Arthur Bateman was born in 1890 in Baileborough, Co. Cavan. While a medical student at Trinity College, he played both rugby and cricket for the College. His batting consistency with the university earned him two caps in cricket for Ireland against Scotland in the last two cricket matches played before the War, scoring 149 runs in 4 innings.
Having being awarded his MB in 1914, he commissioned as Lieutenant in the Royal Army Medical Corps in August. He was promoted to Captain in 1915, attached to the 7th Cameron Highlanders and served in France. In July 1917, with the battle raging close to the town of Ypres, he worked tirelessly to help many dozens of wounded and dying comrades. For his actions he was awarded the Military Cross with the citation:
“For conspicuous gallantry and devotion to duty in repeatedly going round the front line and attending to the wounded, who had been lying out in some cases for two days. Although continually exposed to hostile sniping and machine gun fire, he displayed the upmost disregard of danger”.
Eight months later, in March 1918, Arthur Bateman would be dead. He was wounded on 28 March, 1918. The War Office quoted his Colonel as follows: “Captain Bateman manfully stuck to his post until the Germans were within a few yards of him, when he started to retire along with his orderlies. Unfortunately he was hit, and fell into the hands of the enemy. It will be difficult for any other Medical Officer to fill his place”.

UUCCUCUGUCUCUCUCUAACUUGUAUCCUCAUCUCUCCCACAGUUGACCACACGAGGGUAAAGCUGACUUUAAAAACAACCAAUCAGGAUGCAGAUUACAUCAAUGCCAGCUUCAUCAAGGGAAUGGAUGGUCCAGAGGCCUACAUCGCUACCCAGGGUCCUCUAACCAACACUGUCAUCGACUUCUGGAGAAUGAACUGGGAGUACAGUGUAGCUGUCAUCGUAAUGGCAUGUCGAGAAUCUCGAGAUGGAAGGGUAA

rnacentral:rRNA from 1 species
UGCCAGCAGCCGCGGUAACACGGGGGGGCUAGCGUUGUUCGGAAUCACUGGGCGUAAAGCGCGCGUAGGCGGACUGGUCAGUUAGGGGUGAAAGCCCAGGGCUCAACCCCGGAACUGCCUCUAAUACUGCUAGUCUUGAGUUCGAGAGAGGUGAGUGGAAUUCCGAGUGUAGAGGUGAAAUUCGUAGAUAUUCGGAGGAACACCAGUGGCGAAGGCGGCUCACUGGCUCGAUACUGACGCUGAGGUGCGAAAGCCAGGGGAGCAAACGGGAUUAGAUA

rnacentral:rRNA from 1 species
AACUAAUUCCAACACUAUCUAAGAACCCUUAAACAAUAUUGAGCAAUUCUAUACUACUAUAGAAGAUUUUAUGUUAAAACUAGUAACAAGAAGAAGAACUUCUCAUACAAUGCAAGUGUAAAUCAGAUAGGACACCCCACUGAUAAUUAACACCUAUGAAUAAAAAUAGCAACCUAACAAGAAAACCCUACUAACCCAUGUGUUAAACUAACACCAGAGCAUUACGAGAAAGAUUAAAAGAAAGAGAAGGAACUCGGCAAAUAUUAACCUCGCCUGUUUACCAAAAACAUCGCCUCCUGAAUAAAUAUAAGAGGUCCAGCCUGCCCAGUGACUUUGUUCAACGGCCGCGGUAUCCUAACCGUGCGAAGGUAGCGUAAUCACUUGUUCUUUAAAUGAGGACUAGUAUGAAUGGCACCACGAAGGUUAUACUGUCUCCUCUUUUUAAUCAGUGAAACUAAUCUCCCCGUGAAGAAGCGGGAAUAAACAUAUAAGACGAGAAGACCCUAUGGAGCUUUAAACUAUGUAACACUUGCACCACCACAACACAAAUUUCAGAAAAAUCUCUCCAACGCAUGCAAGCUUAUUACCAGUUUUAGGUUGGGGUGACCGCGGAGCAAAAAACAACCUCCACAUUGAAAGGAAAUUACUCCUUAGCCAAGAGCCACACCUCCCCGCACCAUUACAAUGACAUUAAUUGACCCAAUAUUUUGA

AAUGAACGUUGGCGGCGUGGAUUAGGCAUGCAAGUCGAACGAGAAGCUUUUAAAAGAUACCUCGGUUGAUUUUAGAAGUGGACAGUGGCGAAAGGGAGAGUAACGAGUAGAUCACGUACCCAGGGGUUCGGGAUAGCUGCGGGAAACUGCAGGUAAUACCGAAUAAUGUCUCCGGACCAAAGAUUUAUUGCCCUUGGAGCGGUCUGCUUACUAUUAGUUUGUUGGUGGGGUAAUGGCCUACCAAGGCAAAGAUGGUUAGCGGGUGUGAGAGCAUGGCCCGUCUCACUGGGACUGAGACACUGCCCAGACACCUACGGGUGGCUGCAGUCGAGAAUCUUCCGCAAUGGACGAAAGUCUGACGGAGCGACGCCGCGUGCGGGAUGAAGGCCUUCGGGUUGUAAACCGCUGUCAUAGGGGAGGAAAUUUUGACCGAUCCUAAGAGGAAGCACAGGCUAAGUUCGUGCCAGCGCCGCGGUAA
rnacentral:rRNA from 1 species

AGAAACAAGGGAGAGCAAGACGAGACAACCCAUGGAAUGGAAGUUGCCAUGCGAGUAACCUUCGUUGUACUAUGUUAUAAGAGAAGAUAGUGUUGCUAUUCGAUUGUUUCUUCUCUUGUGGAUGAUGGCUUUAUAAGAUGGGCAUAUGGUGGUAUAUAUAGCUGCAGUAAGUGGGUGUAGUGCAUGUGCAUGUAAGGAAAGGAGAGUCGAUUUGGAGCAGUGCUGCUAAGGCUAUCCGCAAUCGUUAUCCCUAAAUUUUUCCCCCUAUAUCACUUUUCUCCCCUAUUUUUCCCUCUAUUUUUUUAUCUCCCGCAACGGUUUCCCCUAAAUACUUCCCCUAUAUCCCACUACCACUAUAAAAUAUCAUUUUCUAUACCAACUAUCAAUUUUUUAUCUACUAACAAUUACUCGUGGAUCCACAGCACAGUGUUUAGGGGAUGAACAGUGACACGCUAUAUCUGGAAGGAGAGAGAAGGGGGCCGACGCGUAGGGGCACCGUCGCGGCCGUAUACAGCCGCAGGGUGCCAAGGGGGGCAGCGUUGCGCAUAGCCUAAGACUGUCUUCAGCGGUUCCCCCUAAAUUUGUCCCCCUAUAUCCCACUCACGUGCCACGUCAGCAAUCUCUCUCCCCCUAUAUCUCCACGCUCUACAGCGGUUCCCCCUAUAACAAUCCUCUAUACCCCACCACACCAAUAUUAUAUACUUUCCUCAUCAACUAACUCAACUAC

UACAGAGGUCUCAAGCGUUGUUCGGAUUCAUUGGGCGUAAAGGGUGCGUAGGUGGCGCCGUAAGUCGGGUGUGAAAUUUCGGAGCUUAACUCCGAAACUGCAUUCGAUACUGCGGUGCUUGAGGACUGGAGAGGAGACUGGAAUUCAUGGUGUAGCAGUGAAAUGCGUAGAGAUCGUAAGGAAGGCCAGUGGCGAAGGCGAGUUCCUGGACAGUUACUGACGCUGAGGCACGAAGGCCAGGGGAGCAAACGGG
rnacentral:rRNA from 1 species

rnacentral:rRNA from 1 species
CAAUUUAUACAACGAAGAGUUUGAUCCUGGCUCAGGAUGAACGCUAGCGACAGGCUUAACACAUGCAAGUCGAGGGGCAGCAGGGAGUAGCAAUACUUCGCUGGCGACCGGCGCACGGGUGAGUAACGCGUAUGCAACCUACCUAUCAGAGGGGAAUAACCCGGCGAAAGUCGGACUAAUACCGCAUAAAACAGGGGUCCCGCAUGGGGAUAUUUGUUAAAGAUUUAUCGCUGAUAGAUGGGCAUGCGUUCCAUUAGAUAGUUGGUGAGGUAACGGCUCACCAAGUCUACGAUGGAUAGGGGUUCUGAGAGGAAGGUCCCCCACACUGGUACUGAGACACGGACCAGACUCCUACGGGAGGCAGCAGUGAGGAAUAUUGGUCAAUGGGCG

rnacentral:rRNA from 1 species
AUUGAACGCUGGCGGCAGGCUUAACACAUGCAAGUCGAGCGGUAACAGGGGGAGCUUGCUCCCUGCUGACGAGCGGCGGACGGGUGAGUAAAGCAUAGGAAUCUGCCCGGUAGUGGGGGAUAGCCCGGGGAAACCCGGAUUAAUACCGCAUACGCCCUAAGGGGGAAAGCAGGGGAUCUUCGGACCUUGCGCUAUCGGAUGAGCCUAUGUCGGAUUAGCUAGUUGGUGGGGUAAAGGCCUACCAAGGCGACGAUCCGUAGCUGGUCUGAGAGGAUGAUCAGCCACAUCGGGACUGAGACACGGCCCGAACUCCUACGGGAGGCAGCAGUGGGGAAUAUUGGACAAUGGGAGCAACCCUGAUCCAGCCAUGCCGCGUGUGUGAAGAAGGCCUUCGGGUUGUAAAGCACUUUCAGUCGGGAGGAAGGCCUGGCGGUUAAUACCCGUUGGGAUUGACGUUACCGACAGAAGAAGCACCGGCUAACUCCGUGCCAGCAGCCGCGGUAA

After a number of requests by his family the UK authorities would confirm in January, 1920 that “for official purposes Captain Bateman is dead”. His body was never found, and he joined the multitude who gave their lives in the Great War but who have no official grave. Captain Arthur Bateman was 27 years of age and is commemorated in the Pozieres Memorial, Somme, France.
Presentation of the Bateman Cup
Their father, Godfrey Bateman, presented the Bateman Cup to the IRFU in honour of his two sons who died in the Great War. It is written, that Godfrey Bateman never played rugby in his life and was not a “rugby enthusiast” but his interest in the game was inspired by the keenness of his two sons, Reginald and Arthur. Indeed, there is a newspaper record of a Trinity First Year Medicals A team against a Wanderers 3rd B team in November 1910 at Lansdowne Road featuring both a G. Bateman and A. Bateman at full-back and centre, respectively. Godfrey Bateman always spoke of the Cup as a tribute to their memory.
Godfrey Bateman, the donor of the Bateman cup, died on 30 July, 1936, aged 82 years. He was predeceased by his loving wife, Frances Emily who died on 16 February, 1926. He desired that the Roll of Honour in Memoriam notice relative to his sons, Reginald John Godfrey and Arthur Cyril, who fell in action in 1918, shall be inserted annually in The Irish Times for ever. For many years, these notices appeared on or around 28 March (Arthur) and 3 September (Reginald) but have now been discontinued.